Prejudice: A lecture by Percy Lavon Julian

October 25, 1952
 

Percy Lavon Julian postage stampA lecture on race and prejudice at the campus of the University of Illinois at Urbana-Champaign by Percy Lavon Julian, one of the first American American to receive a doctorate in Chemistry. Dr. Julian begins by discussing the definition of prejudice: a judgment arrived at without sufficient thought or knowledge, and help without reasonable grounds. He discusses differences people perceive based on race, class, dress, geography, tribe, etc. People we consider within our territory we characterize as friends, but people outside our territory are the enemy. The further away they are, the worse we consider them. “We and our kind are alright. All that is strange or different is dangerous.”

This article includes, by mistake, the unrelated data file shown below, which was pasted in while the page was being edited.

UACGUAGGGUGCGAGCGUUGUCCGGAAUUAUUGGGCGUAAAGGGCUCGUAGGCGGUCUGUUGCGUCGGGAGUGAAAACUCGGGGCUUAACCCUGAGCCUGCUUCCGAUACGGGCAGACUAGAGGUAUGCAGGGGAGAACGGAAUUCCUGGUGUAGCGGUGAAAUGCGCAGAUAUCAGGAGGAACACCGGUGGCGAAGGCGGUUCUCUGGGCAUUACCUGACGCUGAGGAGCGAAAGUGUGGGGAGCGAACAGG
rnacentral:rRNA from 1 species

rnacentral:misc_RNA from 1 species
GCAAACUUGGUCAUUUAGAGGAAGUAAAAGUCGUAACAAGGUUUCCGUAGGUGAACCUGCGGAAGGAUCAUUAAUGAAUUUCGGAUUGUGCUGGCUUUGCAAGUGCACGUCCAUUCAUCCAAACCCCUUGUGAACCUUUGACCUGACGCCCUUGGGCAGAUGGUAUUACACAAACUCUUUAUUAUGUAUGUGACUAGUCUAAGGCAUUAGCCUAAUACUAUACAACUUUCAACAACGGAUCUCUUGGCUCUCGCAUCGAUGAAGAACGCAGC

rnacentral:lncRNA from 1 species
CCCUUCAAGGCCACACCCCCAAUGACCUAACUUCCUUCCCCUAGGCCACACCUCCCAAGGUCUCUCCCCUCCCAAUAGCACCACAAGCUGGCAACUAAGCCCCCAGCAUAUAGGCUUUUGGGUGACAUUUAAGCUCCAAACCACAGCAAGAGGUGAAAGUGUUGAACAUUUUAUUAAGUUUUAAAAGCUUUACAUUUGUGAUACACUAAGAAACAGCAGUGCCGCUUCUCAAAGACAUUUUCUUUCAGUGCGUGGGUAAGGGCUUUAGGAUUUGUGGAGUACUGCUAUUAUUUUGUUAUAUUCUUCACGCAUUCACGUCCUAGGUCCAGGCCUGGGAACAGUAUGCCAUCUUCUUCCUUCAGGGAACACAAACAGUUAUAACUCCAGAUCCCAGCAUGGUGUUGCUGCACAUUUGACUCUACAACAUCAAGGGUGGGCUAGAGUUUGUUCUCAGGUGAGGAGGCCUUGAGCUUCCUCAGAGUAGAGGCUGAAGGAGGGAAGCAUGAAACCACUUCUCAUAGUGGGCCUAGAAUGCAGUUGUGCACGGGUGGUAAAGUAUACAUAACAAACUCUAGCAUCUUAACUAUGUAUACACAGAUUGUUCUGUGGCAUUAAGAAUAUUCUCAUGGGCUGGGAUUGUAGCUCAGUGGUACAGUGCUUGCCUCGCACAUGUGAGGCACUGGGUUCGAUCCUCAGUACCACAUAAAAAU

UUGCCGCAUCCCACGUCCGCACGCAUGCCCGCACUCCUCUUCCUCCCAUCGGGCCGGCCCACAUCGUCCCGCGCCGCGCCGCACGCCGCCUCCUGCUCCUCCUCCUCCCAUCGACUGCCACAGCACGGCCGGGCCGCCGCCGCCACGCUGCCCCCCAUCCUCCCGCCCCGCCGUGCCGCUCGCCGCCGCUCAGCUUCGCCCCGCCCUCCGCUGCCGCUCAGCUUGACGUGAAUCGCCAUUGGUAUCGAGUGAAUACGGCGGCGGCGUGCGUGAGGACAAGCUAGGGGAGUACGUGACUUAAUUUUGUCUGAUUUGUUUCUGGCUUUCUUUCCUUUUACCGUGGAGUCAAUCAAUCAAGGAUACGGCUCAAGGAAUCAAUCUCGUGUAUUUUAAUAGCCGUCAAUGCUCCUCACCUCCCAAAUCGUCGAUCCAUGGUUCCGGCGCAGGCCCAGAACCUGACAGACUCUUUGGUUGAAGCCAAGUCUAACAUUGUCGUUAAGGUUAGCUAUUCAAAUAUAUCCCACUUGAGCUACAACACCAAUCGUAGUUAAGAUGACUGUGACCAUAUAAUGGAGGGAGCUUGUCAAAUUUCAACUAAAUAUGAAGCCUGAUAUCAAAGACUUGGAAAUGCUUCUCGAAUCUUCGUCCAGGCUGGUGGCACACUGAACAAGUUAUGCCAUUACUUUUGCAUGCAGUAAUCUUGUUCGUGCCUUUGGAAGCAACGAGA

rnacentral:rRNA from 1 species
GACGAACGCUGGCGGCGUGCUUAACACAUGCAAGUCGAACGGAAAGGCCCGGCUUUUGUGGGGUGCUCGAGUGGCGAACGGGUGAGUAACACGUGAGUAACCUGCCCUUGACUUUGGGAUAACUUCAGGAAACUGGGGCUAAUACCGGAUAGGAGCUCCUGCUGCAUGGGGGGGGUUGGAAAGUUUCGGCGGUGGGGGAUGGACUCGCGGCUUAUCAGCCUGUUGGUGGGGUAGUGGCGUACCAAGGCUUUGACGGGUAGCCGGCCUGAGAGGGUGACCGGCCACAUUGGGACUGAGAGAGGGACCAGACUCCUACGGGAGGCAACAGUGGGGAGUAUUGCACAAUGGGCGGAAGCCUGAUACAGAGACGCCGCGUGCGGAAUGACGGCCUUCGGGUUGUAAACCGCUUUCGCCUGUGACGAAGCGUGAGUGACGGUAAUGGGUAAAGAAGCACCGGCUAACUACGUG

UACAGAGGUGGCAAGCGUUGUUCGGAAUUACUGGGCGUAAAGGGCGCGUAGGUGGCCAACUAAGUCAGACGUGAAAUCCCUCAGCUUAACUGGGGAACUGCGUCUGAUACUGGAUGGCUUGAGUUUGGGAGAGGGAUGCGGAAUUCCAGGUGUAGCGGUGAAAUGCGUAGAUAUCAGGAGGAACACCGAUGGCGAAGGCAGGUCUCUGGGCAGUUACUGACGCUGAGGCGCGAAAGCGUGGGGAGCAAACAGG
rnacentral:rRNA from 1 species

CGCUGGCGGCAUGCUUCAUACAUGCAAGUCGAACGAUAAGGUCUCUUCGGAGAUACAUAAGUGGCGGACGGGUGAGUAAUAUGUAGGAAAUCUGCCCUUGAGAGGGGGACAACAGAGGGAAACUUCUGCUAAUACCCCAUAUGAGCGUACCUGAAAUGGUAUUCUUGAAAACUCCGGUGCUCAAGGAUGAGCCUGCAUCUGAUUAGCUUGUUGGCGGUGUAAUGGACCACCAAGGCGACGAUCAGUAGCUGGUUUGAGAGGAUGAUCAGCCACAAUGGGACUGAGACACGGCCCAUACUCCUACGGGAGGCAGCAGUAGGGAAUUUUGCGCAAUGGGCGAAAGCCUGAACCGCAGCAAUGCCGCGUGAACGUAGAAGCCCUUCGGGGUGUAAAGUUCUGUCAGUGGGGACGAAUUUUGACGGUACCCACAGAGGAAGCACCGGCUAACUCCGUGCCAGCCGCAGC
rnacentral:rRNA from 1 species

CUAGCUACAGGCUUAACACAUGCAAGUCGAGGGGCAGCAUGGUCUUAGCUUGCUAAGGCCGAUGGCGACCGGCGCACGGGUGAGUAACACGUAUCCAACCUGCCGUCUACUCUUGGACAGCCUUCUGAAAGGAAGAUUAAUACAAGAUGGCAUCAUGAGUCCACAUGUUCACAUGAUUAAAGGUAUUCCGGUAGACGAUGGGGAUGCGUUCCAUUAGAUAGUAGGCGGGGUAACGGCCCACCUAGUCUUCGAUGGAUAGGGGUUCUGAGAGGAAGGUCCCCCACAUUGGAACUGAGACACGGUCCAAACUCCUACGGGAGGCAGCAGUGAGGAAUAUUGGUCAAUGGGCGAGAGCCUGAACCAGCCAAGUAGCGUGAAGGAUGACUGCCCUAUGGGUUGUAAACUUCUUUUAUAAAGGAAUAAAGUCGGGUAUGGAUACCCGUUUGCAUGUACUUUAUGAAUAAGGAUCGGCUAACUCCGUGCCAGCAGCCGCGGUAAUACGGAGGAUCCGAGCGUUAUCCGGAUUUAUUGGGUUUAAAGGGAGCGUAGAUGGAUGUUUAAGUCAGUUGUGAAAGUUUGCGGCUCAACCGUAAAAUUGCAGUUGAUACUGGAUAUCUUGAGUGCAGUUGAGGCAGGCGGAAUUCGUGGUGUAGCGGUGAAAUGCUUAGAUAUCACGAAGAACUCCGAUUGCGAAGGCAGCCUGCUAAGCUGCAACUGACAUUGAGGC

He then discusses prejudices based on race, due partially to propaganda and misunderstanding. He says the word “race” is used very loosely, even by our leading authorities. For example, there is no French race, Aryan race, or Jewish race, but people use these terms. The similarities between all the existing human beings are much greater then the differences